Many parents who adopt are terrified that their children will someday learn about the negative aspects of their child’s birth family history. “What if my son finds out that his birth father is in prison? What if he discovers that his birth mother is a prostitute, or drug addict? What if my daughter learns that she was conceived in rape? Won’t it irreparably wound my child to discover such things?”
This core question is more common than one might expect among adoptive parents and it certainly deserves a solid answer. I, in no way, presume to tell you a simple, clear-cut answer. However, I’ll do my best to shed some insights for you to consider.
Deal with Fear
Your child needs to know the truth, at the appropriate age, but first as parents, you need to deal with your own fears first. Dr. Randolph W. Severson addresses parental fear in To Bless Him Unaware: The Adopted Child Conceived by Rape: “Fear and anxiety about what openness will ultimately mean in adoption is often like a young child’s anxiety about the water being cold. There really will be no getting over it until he takes a breath and steels himself and dives. And while the water will be cold at first, the momentary shock will soon seem worth it as the body adapts and the afternoon warms while the cool blue waters bear up the swimmer into a serene and tranquil bliss.”
Moms, on behalf of adoptees, I plead with you to deal with your own fears and then trust us to have the strength to grow from the pain. We adoptees aren’t whimps! We know how to survive and thrive through pain. Give us a chance! We want truth and this will help us learn to trust you more.
Believe that Good Can Come From Evil
At mid-age, when I was reunited with my birth mother via phone, she announced to me the negative circumstances of my conception. I vividly remember my emotional reaction—it was as if I had fallen on the ice and had the wind knocked out of me. I was speechless. It never entered my head that such a thing could be the reason for relinquishment.
For some reason, I felt compelled to repeat these words in my reunion story: “I was conceived in horrible circumstances.” Every time I spewed out the words, it was as if a black cloud enveloped me. A couple of years later, this thought came to mind: “It was your mother that had the experience—not you. You are not responsible and you are carrying her pain and shame. That’s why you feel so terrible whenever you share it with others.”
From that point forward, I simply would say, “My mother had a bad experience at my conception.” I take no ownership of it and carry the pain and shame no more.
Since my adoptive grandmother was the county worker on my case and worked with my birthmother prior to my adoption, I have no doubt that my adoptive parents knew the truth. As was typical in the closed adoption era, not much was shared about adoption, let alone negative birth family information.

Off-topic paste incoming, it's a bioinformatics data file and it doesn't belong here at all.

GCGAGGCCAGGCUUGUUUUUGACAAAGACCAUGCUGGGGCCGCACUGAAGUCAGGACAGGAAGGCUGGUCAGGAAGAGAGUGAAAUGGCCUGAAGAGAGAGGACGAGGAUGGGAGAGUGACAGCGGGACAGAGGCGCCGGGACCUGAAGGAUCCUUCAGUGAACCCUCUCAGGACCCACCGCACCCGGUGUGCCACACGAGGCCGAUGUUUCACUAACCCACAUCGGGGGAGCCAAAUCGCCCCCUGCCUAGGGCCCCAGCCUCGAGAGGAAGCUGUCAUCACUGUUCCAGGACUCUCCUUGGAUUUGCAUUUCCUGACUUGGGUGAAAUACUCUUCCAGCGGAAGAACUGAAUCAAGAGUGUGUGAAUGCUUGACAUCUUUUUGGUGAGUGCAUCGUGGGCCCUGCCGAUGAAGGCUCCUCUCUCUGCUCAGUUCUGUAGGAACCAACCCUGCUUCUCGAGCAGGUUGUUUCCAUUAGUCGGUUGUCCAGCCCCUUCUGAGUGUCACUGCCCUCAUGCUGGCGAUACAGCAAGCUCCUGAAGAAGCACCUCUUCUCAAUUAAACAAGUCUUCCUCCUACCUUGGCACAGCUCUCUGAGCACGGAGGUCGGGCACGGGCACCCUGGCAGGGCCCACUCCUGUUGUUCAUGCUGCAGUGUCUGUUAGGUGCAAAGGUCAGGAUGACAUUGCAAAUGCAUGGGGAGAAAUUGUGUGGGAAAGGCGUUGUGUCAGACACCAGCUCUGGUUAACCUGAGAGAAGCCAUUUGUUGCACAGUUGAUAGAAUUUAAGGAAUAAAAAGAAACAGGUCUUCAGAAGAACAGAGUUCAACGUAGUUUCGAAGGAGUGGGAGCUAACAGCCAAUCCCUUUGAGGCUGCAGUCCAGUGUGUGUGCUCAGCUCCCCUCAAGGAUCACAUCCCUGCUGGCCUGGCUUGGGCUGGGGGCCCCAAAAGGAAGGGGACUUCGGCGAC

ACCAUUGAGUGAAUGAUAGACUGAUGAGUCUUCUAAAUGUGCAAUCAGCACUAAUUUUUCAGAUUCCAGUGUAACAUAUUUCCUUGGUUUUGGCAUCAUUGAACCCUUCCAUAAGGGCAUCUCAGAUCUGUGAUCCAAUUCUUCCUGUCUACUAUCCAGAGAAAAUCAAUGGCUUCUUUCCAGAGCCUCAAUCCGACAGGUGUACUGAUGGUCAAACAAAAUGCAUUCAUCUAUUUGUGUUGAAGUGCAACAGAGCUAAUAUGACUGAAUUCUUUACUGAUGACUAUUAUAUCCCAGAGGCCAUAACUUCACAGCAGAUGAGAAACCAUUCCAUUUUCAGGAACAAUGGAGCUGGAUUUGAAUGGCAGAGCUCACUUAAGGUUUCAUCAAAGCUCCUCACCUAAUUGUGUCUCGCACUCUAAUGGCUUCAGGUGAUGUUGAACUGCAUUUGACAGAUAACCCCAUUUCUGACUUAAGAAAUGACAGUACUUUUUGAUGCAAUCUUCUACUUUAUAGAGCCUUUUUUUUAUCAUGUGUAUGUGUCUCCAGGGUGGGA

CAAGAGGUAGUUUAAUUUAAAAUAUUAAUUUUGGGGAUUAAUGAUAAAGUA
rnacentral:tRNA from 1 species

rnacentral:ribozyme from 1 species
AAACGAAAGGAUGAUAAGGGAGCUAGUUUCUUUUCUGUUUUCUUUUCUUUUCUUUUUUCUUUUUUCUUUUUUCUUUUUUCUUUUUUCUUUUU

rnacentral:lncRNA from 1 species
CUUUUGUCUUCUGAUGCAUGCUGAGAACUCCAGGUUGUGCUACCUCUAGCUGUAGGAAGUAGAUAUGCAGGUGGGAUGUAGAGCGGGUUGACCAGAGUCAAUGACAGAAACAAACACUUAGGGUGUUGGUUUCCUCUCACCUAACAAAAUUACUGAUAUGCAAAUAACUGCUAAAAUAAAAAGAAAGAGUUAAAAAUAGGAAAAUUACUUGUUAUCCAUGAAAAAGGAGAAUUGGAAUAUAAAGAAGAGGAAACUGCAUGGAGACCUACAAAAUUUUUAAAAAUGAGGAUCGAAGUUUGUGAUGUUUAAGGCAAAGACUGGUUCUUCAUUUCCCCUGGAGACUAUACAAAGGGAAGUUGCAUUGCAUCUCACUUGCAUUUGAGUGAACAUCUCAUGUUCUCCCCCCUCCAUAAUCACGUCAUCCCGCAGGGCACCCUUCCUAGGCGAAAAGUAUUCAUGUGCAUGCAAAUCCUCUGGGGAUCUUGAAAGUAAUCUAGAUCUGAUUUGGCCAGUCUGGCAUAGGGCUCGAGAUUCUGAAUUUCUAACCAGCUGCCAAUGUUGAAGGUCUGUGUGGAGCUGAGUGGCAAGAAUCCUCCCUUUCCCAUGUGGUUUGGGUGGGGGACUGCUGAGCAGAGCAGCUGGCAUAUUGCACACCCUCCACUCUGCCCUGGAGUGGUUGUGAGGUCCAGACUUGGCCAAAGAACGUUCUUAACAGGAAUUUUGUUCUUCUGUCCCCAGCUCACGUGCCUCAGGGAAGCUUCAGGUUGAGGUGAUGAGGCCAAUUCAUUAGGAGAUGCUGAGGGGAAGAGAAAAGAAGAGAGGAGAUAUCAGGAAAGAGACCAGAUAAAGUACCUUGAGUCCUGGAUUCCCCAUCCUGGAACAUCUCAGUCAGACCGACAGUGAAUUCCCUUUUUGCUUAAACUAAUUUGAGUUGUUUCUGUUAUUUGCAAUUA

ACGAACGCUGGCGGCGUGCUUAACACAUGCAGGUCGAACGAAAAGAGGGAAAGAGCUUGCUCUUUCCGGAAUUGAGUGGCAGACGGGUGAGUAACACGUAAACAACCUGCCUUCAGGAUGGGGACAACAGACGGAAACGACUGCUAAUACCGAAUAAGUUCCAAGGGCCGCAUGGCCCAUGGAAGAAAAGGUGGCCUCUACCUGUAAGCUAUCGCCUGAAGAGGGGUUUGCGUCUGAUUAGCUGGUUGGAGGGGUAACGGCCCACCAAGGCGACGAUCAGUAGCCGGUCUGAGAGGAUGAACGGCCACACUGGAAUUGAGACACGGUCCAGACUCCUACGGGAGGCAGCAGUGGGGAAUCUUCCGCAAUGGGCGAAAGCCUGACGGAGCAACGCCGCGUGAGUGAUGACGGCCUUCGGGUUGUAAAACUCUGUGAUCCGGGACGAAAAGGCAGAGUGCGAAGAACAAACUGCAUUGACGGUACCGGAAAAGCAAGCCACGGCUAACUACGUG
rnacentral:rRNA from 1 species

The upshot for me from the ordeal of hearing the truth is that my love for my birth mother deepened. As I studied about maternity homes and the horrible shame that was cast on her, I have come to see the true gift she gave me in continuing the pregnancy and providing me with the gift of birth nine months later.
The truth DID set me free from misplaced pain and shame so that I could love and appreciate my birth mother on a deeper level.
Determine the Appropriate Time
If I had a child whose life leapt into being through negative circumstances, I would be very careful about the timing of disclosing such information. Dr. Severson says, “As soon as your child asks or becomes aware—and only your love and instinct will hint at it’s emergence—that it ‘takes two’ to make a baby, he or she should be told that his birth mother and birth father were not in love and perhaps did not know each other well, and that they did not ‘make love’ but rather ‘had sex’ even though the birth mother didn’t want to.” He believes the correct age is approximately 10 or 11 years old.
You know your child better than anyone, so I encourage parents to pray to know the right timing. I am reminded of a story about Corrie Ten Boon, a survivor of the Nazi Prisoner Camps. When she was a young girl, she was on the bus with her father and she asked him what the word “sex” meant. Mr. Ten Boon rose from his seat, pulled down a heavy suitcase, and placed it in front of Corrie. “Try to lift it,” he said. She tried, to no avail. He said, “Corrie, just like this suitcase is too heavy for you to carry right now, so is the subject of sex too difficult for you to understand. I will carry it for you until the time is right.” The Center for Adoption Support and Education has a great developmental chart. Here’s the link: http://tinyurl.com/l7qmfwy.
Moms, you can do the same with painful birth history. If your child asks before you believe she is ready to receive, use the story of Corrie’s dad and carry the information until the time is right.